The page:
Ray Lewis: Here's why I have trouble watching today's NFL

Former Baltimore star Ray Lewis is one of the greatest linebackers in NFL history, but recent rule changes, he said, keep him from watching the game today.

(Ray Lewis photo courtesy of Baltimore Ravens)
(Ray Lewis photo courtesy of Baltimore Ravens)

(Ray Lewis photos courtesy of the Baltimore Ravens)

Talk of Fame Network

Former Baltimore linebacker Ray Lewis is one of the most decorated players in the history of the NFL. He was a two-time Super Bowl champion. He was a Super Bowl MVP. He was a 13-time Pro Bowler, 10-time All-Pro, two-time Defensive Player of the Year and member of the 2000s' all-decade team.

And now? Well, now, that same guy doesn’t watch the NFL. Or, at least, he says he doesn’t … and on the latest Talk of Fame Network broadcast he explains why: He doesn’t recognize it.

"When you sit there, and you watch the perfect hit," Lewis said, "and then you watch the referee throw a flag ... then you watch them replay it three or four or five, six times, and you see he never touched his head? You can't watch the game! I'm too passionate for that!

"My heart, man … I love sports. I love it. But you can't take that part away from me. Don’t take the natural part of competition away from pure competitors. You can't do that. You just can't do that. That’s why it's hard for me to watch sports right now.

"Really, the only sport I try to watch now is (when it's played by) my own son, and my son is at Utah State. And he's starting as a freshman -- Rayshad Lewis … He was playing corner his whole high-school career. And I ended up telling him, I said, "Son, now listen: The game is going a different way. Defenders won't be able to defend by the time you get into the league. So if you're going to play the game, play the game on the wide receiver's side so it favors you.' I wouldn’t tell anybody to play defense anymore."

Lewis is eligible for the Pro Football Hall of Fame's Class of 2018, and he's a dead-bolt cinch not only to make it to Canton but to make it in his first year of eligibility. Yes, he was that good, and his resume reflects it. But he said he can't imagine joining the league as a rookie today … mostly because the physical play that he and the Baltimore Ravens turned into two Super Bowl championships has been legislated out of it.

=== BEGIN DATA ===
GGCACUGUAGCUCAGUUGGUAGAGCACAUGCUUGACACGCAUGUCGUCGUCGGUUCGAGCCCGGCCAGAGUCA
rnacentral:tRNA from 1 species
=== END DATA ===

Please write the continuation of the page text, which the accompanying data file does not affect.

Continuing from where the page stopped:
"I don’t know if I could play in today's times," he said. "I ask myself this question all the time … and people are like … 'Why don’t you watch football (any) more? And (you’re) not passionate about it?' And I say, 'You know what? I will never stop being passionate about it. But it's bad when they're treating the product the way that they are treating us.

"You can't treat players like that. And, morally. if you want to sit at the top of that food chain and tell us to play football ... the way you're trying to really monitor this game? You’ve got people 6-5, 6-2, 6-3, 6-7, playing this game, and now you're asking everybody to have the same target zone. We've created a word in sports called targeting. That’s if you want to go do archery."

Lewis' Talk of Fame Network appearance is proof positive that he remains passionate about the game … but he's passionate in his concern for the direction it's going ... and for the rules aimed at promoting offense at the expense of defense.

"You can only hurt the players enough. Sooner or later, it's going to backfire," he said. "Because you can't keep doing guys like this and doing families like this and affecting people's livelihoods and kids. I think sports don’t realize (that) when you start to do things like that you start to affect generations of people taking care of their families. You're taking money away from these people.

"You're telling us you created a game that’s supposed to be played this way. Don’t change the game in the middle of it. If you want to make the game better, make it better. But don’t change the game because of lawsuits and all. It’s a bad thing and it's terrible to watch sports now because I'm so tired of referees throwing flags."